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Google Using AutoFDO On Linux Meant Up To 12% Less Cycles Spent Within The Kernel

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  • Google Using AutoFDO On Linux Meant Up To 12% Less Cycles Spent Within The Kernel

    Phoronix: Google Using AutoFDO On Linux Meant Up To 12% Less Cycles Spent Within The Kernel

    While a Microsoft engineer was at Linux Plumbers Conference this week talking up their LTO and PGO optimization work for the Linux kernel, Google engineers have now one upped that work by also shipping kernels with AutoFDO optimizations...

    http://www.phoronix.com/scan.php?pag...Kernel-AutoFDO

  • #2
    AutoFDO isn't a step up from PGO, it's half of step down.

    Comment


    • #3
      Originally posted by Brane215 View Post
      AutoFDO isn't a step up from PGO, it's half of step down.
      Why is that?

      Comment


      • #4
        Originally posted by Brane215 View Post
        AutoFDO isn't a step up from PGO, it's half of step down.
        It may not be as good at tracking everything but the benefits are great. Using hardware counters means it isn't as slow as building in recording. It does not require writing to a file or other output, which is difficult to do in a kernel. Not requiring special profiling code means it can be built as normal and have profiling done at any time without special preparation.

        So, if it is a half-step down, it is also three steps to the side.

        Comment


        • #5
          My numbers still stand.

          https://www.phoronix.com/scan.php?pa...PGO-LTO-Builds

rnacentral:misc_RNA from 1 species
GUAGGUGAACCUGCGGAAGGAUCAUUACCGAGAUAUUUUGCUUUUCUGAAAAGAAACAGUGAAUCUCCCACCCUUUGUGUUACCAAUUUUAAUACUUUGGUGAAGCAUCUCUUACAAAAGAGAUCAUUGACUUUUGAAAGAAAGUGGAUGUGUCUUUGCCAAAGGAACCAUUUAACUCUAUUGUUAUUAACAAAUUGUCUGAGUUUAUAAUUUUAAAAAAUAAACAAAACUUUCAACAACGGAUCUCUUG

OpenGL renderer string: Radeon RX 580 Series (POLARIS10, DRM 3.38.0, 5.8.5-1.gf0adcb3-default, LLVM
          11.0.0)
          OpenGL core profile version string: 4.6 (Core Profile) Mesa 20.3.0-devel (git-9e21c1f95e)

          Comment


          • #6
            Originally posted by Brane215 View Post
            AutoFDO isn't a step up from PGO, it's half of step down.
            Originally posted by Brane215 View Post
            Google is not only leveraging link-time optimizations (LTO) and profile-guided optimizations (PGO) for maximizing compiler-based efficiencies of their kernel images but also auto feedback directed optimizations.
            Michael said one-upped because Google is compiling using LTO + PGO + AutoFDO

            So, is it still a step-down from LTO+PGO only?

            Comment


            • #7
              It makes sense. What seems to be an insane amount of compute for a small return when you own your own individual hardware must look much different to Google, which owns a significant fraction of computing power on the planet.

              Also:

              Microsoft: 'We need to get together and use this optimisation for the kernel.'

              Google: 'Yo, dawg, we've been doing that for a while. Get on our level.'

              Though it seems to be a fact that Microsoft would have the result available upstream, while Google kept their work proprietary, probably as a performance advantage. The amount of compute available to Microsoft, they ought to be able to do exactly what Google did. It is interesting if they want to keep a level playing field for the entire market instead. Perhaps a product of not being the 800lb gorilla in the room any longer?

              Also interesting vis á vis benchmarking: Windows has been using PGO and LTO enhancements while Linux has not. That should be fun going forward.

              Comment


              • #8
                Originally posted by Teggs View Post

                Also interesting vis á vis benchmarking: Windows has been using PGO and LTO enhancements while Linux has not. That should be fun going forward.
                For kernel itself that might be true, but not for the whole system.
                I'm using LTO for most of everything for quite some time now and chose to use PGO on a few main packages ( e.g Firefox).

                Comment


                • #9
                  Originally posted by Teggs View Post
                  Also interesting vis á vis benchmarking: Windows has been using PGO and LTO enhancements while Linux has not. That should be fun going forward.
                  If you mean LTO in general, I believe Visual Studio for Windows has been doing LTO in Release builds since 2005 or so. There it is called Link Time Code Generation.

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